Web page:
A guide to berets.

From the originators of our most valued headwear:


I think they have little bobbles in the middle (like all berets should).
They do look as large as the old Tam O' Shanters, you're right.

They almost put the Swiss Guard to shame.

All that's missing from that photo are bicycles and strings of onions.

Are those berets multi function and intended to replace the 58 Poncho?...
Les Chasseurs Alpins, qui par tradition dormaient avec leurs pieds enveloppés dans leurs bérets ... donc un béret que la taille est normale!
Les Chasseurs Alpins, qui par tradition dormaient avec leurs pieds enveloppés dans leurs bérets ... donc un béret que la taille est normale!
Ca, je savais pas. Fantassin, c'est vrais?
Having pulled that up from the bowels of my military memory, I am now searching for a citation or reference. I'll take a flying punt and say it was in Geoffrey Keyes biography that this factoid was revealed. Keyes trained with the Chasseurs Alpins in the French alps during the phoney war, in ski and mountain warfare. Typical cavalry swan course - you or I would have been on Service Funds Accounting in Rhyll or at the Army School of Cess-pit Maintenance, Blyth.
Ok, now you made me look: "...un beret tres large, porte incline et bientot surnomme 'la tarte', qui permet de s'abriter du vent, de la neige ou du soleil." Chasseurs et Alpins, Eric Baschet, 1982
So it's to protect from wind, snow and sun and called la tarte. How apt.
I still liked your story better though.
Similar beret, the Chasseurs Ardennais, Belgian, huge green job with a boar's head in the front. Traded one on the march there.
And there's me thinking that they were a couple of Household Cavalry officers on attachment to the Ministère de la Défense.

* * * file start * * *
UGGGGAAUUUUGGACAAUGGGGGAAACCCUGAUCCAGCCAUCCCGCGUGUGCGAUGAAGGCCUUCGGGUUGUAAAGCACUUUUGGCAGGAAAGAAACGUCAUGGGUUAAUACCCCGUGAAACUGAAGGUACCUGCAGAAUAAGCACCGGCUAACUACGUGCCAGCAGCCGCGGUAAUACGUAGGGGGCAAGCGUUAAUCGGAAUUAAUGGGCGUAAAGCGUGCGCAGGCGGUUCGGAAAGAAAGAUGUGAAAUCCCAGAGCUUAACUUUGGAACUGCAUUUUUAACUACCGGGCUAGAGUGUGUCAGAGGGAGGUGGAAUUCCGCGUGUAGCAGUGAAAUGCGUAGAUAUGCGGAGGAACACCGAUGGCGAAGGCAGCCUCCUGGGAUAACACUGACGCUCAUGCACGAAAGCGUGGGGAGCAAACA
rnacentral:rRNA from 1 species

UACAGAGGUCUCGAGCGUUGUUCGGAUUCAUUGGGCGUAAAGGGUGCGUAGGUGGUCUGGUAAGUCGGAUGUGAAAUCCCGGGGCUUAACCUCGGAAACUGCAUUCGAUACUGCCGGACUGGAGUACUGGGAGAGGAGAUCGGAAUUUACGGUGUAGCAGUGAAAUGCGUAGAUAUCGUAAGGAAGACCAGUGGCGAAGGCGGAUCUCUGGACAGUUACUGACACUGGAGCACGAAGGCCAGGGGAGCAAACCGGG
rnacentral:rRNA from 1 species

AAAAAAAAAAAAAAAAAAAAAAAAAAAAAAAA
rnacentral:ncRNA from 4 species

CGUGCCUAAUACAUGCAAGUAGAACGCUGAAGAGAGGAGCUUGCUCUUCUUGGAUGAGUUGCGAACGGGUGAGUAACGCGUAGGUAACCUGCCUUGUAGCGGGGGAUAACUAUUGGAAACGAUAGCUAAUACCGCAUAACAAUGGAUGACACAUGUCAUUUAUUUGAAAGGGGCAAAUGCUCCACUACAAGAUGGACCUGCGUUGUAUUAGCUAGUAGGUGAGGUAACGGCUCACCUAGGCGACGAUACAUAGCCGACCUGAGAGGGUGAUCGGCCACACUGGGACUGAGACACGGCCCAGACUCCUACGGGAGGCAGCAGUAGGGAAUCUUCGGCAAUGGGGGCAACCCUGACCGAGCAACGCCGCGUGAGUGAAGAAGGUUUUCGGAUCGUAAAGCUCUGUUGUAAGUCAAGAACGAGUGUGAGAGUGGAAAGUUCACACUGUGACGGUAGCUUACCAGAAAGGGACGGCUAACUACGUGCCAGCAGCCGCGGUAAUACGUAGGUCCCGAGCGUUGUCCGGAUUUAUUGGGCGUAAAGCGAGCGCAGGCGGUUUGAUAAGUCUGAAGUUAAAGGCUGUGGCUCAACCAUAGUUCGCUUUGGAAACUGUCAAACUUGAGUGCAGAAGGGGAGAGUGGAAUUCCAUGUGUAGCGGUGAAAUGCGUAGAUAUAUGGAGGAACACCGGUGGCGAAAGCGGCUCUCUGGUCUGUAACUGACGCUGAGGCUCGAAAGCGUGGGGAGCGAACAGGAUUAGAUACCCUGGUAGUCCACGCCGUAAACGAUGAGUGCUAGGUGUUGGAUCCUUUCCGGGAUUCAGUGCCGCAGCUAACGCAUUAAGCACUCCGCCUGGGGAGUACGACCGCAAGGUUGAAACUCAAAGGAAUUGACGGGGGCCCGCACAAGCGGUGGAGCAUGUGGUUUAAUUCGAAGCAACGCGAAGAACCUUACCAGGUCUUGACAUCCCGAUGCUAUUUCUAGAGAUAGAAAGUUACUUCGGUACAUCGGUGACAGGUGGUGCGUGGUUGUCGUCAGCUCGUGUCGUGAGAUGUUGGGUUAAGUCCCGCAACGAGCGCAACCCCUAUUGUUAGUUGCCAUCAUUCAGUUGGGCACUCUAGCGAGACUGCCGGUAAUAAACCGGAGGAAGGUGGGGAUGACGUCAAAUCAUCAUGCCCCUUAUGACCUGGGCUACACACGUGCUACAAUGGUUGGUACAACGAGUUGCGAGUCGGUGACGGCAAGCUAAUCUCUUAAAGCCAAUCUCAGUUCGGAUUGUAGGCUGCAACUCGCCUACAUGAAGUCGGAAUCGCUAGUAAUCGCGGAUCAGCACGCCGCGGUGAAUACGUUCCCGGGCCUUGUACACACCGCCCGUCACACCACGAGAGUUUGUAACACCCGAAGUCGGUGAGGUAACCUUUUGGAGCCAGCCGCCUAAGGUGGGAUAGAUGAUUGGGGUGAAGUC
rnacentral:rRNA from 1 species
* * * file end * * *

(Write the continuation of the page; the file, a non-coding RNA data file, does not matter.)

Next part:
Definitely cavalry officer type berets.

Speaking of nice Alpine courses, I was attached to the extremely well equipped Swiss Army for a couple of weeks. Their berets were almost as good as mine, and they really were terribly concerned about stray rounds in their very casually layed out ranges.
These bods look like entrants into the world famous Parachute Regiment ridiculous style beret competition.

In this ongoing competition, entrants have to shape their beret into the most ridiculous shape - with the badge over the left ear and the cloth curved over the face to form a horizontal peak to end up looking like a French Onion Seller.

An example of this can be found on page 106 of the current Soldier Magazine where LCpl Ryan Libby of 2 Para models his creation.
What you may not know is that these seemingly large berets are in fact a key piece of military survival equipment, designed in an easily portable and compact fashion. They were pioneered by the FFL in Central Africa who picked up the clever trick from the tribemen of the Masai Mara. The apparent head-wear is fashioned from the foreskin of elephants, skillfully hunted at night, trimmed from them with a blunt machete while their legs are held in place by young warriors undergoing a rite of passage. While this may seem a little ostentatious for a hat, and not a little foolhardy, rubbing it energetically on a cold dark night, will reveal that it transforms magically into a full size bivvie bag which is tough, durable and warm with IR properties to match the most modern of chemically treated textiles. In the morning the traditional practice of applying some cold water sees it shrink back down to head size in an instant. Pret a porter sur la marche.

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